When I first started developing an eating disorder, all I wanted was for people to notice my changing body. If I hadn’t seen my friends in a while, I was desperate for them to tell me I was smaller. And it worked, because the praise I received was terrifying. But this complimenting of bodies is actually harmful to recovery. Here’s why you need to stop doing it.
I might have been miserable, angry and exhausted. But the boys I was dating, my university friends, and even my family told me how “great” I looked. My anorexia thrived off the positive reinforcement. And it spurred me on to restrict more, exercise harder and continue shrinking my body.
I can’t remember when I took it ‘too far’ in the eyes of the people around me. When did society start seeing my disordered eating as dangerous instead of “inspirational?” Because it had always been dangerous for me.
Complimenting bodies can be confusing…
As thoughts of food took over every aspect of my life, the comments turned from “I wish I had that much willpower,” to “you’re too thin,” and “you need to eat more“.
I just couldn’t understand how I had been praised for my restrictive behavior for years. Yet suddenly I was being judged for it.
The constant calorie counting, excessive exercising, and total obsession with my weight hadn’t changed. But people’s opinion of me had.
Now I understand that when someone is commenting on my changing body, it is based on the idea that I am only as valuable and worthy as my appearance.
Even in recovery, I need you to stop complimenting my body…
As I continue down the road to ED recovery, the same thing happens. I’ve spent months screaming inside, feeling out of control and totally consumed by guilt as I heal. But still people tell me I look ‘so much healthier’.
Anyone who has experienced an eating disorder knows that gaining weight doesn’t mean you are magically fixed. And the mental torture of anorexia certainly doesn’t just go away.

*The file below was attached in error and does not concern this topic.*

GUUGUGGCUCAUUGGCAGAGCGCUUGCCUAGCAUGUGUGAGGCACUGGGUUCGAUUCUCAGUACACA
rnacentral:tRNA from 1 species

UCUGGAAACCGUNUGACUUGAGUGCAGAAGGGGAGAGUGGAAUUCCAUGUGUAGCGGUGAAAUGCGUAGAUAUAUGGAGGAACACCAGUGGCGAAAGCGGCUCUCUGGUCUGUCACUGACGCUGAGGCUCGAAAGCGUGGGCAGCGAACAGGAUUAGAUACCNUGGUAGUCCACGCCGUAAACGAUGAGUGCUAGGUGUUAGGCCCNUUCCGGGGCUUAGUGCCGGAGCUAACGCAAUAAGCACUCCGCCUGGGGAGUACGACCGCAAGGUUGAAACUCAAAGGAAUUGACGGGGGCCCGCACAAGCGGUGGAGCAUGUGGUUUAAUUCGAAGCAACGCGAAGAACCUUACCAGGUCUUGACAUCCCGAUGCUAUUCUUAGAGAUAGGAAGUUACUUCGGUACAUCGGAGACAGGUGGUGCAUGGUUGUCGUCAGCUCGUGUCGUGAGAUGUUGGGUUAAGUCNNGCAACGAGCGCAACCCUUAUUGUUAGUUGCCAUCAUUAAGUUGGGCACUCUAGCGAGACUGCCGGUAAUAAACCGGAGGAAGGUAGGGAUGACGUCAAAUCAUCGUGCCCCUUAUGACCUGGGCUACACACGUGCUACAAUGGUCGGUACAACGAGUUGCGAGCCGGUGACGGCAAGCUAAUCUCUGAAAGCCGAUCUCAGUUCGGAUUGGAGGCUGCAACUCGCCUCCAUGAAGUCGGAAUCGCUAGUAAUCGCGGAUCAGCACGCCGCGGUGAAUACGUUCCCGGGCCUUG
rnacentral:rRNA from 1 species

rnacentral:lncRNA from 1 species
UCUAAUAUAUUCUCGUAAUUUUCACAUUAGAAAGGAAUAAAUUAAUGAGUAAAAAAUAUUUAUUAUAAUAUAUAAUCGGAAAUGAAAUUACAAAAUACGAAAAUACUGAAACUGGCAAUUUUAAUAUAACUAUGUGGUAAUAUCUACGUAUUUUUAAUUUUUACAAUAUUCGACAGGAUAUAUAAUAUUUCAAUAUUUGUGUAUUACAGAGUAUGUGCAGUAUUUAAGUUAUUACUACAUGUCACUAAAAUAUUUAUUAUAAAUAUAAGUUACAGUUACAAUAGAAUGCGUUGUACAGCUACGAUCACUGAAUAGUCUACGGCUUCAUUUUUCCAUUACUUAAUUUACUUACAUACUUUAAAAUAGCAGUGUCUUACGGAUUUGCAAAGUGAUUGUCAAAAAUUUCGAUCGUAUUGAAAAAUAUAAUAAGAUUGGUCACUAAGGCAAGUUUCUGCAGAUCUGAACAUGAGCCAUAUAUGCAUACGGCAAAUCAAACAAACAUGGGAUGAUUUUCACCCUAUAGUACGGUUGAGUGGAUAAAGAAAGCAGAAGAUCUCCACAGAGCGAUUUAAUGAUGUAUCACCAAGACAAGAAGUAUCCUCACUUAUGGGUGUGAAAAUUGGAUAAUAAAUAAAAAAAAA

I know these comments mean well. But there are so many problems with reducing someone’s health to their physical appearance.
Why you need to STOP complimenting bodies
Firstly, comments about my body discredit all the hard work I have done to totally retrain my brain.
I am so much happier, more flexible and present since loosening my suffocating rules around food. But still people want to talk about how I look.
Secondly, even though my body is accepted in society right now, I’m nowhere near the end of my journey. Beating this illness could mean I need to carry on gaining weight for a while longer. But will I be deemed “too big” this time around?
I know we are a long way from truly ditching the weight bias that is so deeply rooted in our society. But it’s important to think about how seemingly harmless comments, assumptions and ‘compliments’ on our bodies contribute to the toxic narrative that health should be based on the way we look.
My ideal body isn’t one that is celebrated by diet culture. It is one that allows me to be nourished, happy and truly capable of living my best life.